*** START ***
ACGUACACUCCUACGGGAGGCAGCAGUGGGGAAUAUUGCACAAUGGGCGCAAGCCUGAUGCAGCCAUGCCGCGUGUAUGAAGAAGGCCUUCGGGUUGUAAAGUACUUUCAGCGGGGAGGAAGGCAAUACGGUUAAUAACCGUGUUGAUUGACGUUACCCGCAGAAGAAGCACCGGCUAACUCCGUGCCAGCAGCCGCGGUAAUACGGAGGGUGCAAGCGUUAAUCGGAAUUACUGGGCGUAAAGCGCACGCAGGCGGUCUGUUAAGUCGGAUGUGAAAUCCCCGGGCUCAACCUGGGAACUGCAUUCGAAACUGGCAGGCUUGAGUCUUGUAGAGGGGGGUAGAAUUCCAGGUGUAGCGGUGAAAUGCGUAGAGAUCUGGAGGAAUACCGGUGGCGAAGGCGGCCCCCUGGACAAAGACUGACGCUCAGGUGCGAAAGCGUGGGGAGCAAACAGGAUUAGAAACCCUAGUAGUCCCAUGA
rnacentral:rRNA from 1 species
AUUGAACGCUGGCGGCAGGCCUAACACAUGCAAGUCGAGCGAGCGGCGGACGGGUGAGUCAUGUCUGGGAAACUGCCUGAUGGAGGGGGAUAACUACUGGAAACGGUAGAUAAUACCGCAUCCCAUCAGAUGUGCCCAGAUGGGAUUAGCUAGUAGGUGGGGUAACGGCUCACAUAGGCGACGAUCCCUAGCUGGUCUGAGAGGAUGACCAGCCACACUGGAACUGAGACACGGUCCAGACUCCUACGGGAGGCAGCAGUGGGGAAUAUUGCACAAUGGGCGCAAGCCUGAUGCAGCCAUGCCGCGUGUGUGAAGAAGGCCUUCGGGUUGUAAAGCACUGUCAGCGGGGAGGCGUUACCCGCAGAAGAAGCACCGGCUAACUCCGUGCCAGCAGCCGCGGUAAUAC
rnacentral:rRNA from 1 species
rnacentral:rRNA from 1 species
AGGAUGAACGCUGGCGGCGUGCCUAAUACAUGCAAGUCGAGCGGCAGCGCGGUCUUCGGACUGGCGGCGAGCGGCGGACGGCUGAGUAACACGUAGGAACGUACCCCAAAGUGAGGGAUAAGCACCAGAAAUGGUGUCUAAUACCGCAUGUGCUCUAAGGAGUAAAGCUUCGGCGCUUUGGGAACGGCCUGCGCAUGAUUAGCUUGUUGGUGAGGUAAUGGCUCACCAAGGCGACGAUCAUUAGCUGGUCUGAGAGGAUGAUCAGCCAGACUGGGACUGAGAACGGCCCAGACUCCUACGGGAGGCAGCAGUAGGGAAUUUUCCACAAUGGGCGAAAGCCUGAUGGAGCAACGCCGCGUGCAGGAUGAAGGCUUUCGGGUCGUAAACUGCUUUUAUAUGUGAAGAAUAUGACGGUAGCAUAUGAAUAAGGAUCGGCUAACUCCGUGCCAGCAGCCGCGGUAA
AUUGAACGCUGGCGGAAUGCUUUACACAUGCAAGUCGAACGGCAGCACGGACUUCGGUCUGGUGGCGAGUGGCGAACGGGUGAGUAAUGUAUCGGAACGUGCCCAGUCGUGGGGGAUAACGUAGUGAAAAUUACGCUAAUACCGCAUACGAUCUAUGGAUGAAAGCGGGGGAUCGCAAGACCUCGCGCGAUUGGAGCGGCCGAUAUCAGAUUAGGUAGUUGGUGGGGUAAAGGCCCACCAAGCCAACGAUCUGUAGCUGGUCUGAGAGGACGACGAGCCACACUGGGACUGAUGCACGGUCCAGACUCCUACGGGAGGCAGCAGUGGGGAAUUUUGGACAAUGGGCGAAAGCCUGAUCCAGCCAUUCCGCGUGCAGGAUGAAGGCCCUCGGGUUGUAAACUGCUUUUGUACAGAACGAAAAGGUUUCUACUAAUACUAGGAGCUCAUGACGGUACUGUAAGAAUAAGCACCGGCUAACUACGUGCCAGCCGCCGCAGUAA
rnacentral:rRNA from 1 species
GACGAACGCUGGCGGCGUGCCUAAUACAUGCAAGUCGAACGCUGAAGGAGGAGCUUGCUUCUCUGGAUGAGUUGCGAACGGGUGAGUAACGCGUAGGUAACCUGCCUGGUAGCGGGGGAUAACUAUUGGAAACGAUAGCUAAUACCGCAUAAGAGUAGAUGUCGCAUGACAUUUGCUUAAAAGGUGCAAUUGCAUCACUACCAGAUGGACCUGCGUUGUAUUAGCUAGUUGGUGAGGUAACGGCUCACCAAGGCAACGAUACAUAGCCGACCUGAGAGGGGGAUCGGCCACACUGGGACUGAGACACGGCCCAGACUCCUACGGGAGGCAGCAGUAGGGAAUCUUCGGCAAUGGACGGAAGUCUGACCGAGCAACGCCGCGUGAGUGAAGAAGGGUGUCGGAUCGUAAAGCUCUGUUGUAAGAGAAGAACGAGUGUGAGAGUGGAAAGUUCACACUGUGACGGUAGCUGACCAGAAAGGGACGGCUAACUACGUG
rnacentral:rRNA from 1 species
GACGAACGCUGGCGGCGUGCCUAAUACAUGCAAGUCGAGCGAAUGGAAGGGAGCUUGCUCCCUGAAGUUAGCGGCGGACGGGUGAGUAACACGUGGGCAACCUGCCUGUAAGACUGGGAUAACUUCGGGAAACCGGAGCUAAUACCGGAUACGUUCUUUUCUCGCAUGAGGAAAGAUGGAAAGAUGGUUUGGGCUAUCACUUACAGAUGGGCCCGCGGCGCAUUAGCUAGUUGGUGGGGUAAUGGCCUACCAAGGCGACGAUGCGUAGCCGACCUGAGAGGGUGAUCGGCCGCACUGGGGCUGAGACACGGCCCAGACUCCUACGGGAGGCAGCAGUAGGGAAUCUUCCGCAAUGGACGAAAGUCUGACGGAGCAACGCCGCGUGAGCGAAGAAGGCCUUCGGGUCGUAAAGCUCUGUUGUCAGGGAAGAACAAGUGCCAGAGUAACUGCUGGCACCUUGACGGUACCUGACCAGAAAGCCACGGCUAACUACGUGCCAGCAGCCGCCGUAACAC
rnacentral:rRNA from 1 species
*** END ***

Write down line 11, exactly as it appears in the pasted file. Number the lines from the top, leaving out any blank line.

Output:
GACGAACGCUGGCGGCGUGCCUAAUACAUGCAAGUCGAGCGAAUGGAAGGGAGCUUGCUCCCUGAAGUUAGCGGCGGACGGGUGAGUAACACGUGGGCAACCUGCCUGUAAGACUGGGAUAACUUCGGGAAACCGGAGCUAAUACCGGAUACGUUCUUUUCUCGCAUGAGGAAAGAUGGAAAGAUGGUUUGGGCUAUCACUUACAGAUGGGCCCGCGGCGCAUUAGCUAGUUGGUGGGGUAAUGGCCUACCAAGGCGACGAUGCGUAGCCGACCUGAGAGGGUGAUCGGCCGCACUGGGGCUGAGACACGGCCCAGACUCCUACGGGAGGCAGCAGUAGGGAAUCUUCCGCAAUGGACGAAAGUCUGACGGAGCAACGCCGCGUGAGCGAAGAAGGCCUUCGGGUCGUAAAGCUCUGUUGUCAGGGAAGAACAAGUGCCAGAGUAACUGCUGGCACCUUGACGGUACCUGACCAGAAAGCCACGGCUAACUACGUGCCAGCAGCCGCCGUAACAC